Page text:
Children's Book Reivew: Peace, Locomotion by Jacqueline Woodson

Synopsis:  Twelve year old, Lonnie Collins Motion, and his sister Lili are placed into separate foster homes after their parents are killed in a fire.  Lonnie tasks himself with being the "rememberer" and decides to write his sister letters to help them remember what happens while they are apart.  The entire book is in letter format and each letter is written to Lili from Lonnie (aka Locomotion).  The letters are bittersweet as Lonnie writes about the good times he and Lili had with their biological family as well as how much they both love their new foster families.  The book addresses important issues such as loss, family, and peace through Lonnie's insightful reflections about the world around him. 

My Thoughts: This is the second Jacqueline Woodson book I have read (the first being Feathers) and I've decided that I need to read more of her work.  Peace, Locomotion was short but oh, so sweet and Woodson's writing is beautiful.  I feel like she has the ability to get inside each of her characters and really bring them to life. While this is a great read for anyone (young or old), it would be especially appropriate for children who have experienced loss or are in foster care.

Recommended for Grades 4-7.  

Image taken from http://www.jacquelinewoodson.com/mg.shtml.


Adolescent Lit. Review: The Scorpio Races by Maggie Stiefvater

The first books I read by Maggie Steifvater were The Wolves of Mercy Falls trilogy.   I really enjoyed them and even had the opportunity to meet Maggie at the ALA conference  in 2011.  At this conference she was handing out (and signing) free copies of The Scorpio Races.  I have been meaning to pick it up and read it for some time now, but just haven't had the chance.  I was further motivated to read it when Maggie won a 2011 Printz Honor Award for the book.  It definitely deserved the award.  I love how she develops her characters and how she creates the setting of the island of Thisby.  As I was reading, I kept thinking that I would really like to visit Thisby only to have to remind myself that it does not exist.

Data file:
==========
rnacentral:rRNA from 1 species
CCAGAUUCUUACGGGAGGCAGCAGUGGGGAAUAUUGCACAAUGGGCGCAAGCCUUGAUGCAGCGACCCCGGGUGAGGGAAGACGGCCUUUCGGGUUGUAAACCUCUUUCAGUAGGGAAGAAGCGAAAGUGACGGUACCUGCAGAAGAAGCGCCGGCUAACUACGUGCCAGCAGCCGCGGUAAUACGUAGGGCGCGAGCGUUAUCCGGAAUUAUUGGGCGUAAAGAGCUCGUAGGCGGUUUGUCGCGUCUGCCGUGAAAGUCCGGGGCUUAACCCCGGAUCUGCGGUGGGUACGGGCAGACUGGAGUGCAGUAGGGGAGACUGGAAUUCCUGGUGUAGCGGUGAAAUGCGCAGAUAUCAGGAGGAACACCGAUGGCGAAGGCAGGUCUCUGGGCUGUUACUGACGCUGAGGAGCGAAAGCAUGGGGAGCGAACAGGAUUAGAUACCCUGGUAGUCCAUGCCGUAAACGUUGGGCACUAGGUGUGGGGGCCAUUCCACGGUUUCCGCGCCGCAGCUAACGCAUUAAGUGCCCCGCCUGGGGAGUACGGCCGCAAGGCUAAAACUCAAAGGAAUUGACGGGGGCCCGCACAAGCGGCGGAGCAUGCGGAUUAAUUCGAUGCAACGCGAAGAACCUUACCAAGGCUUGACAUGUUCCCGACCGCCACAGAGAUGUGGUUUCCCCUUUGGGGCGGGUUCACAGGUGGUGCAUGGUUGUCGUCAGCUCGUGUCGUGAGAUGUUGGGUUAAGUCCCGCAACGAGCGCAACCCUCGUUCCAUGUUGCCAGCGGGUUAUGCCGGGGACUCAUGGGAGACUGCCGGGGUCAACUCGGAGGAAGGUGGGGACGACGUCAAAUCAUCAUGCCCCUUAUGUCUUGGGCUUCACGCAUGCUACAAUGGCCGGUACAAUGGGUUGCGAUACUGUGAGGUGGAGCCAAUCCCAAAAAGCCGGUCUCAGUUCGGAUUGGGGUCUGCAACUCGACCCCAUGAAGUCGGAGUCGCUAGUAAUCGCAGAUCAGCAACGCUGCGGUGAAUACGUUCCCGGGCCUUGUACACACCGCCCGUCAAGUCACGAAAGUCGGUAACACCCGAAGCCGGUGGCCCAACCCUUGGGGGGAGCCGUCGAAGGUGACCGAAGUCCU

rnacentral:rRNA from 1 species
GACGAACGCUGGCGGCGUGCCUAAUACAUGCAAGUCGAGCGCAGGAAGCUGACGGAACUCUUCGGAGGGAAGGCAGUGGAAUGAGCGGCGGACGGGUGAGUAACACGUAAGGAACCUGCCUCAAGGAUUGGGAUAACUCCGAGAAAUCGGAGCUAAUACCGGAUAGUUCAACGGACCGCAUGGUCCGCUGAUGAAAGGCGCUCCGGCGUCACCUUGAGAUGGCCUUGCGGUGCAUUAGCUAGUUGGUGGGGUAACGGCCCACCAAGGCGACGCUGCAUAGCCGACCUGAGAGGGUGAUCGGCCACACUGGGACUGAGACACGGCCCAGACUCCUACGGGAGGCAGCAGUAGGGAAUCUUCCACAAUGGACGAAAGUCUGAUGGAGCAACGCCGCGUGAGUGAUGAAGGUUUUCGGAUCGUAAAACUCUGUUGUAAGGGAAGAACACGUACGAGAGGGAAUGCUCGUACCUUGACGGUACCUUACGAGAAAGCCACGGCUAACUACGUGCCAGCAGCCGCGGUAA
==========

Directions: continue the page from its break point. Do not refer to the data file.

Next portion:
In this award winning novel, Maggie Stiefvater takes readers to the fictional island of Thisby where flesh eating water horses, better known as capaill uisce, inhabit the surrounding waters.  Thisby is home of the annual Scorpio Races where islanders attempt to train and race the capaill uisce and tourists travel from all around to see the race.

Kate "Puck" Connolly lives with her two brothers, Gabe and Finn.  Their parents were killed by a capaill uisce and they were left to take care of one another.  Gabe, Puck's older brother, decides that he can no longer stand to live on the island of Thisby, and makes plans to move to the mainland.  In an attempt to stop him Puck decides that she will race in the Scorpio Races, but cannot bear to ride one of the capaill uisce that killed her parents.  She instead decides to ride her land mare, Dove.  

Sean Kendrick, four time winner of the Scorpio Races, longs to be free of his current employer and owner of most of the island, Benjamin Malvern.  Malvern refuses to sell Sean the capaill uisce, Corr, that once belonged to his father.  But this year, Malvern has agreed to sell Corr to him if he wins the race.  

Who will win the Scorpio Races?  A large cash prize awaits whomever crosses the finish line first.  Both Puck and Sean need the money, but someone will come back empty handed.

Recommended for Ages 13+.  

Image from http://maggiestiefvater.com/the-scorpio-races/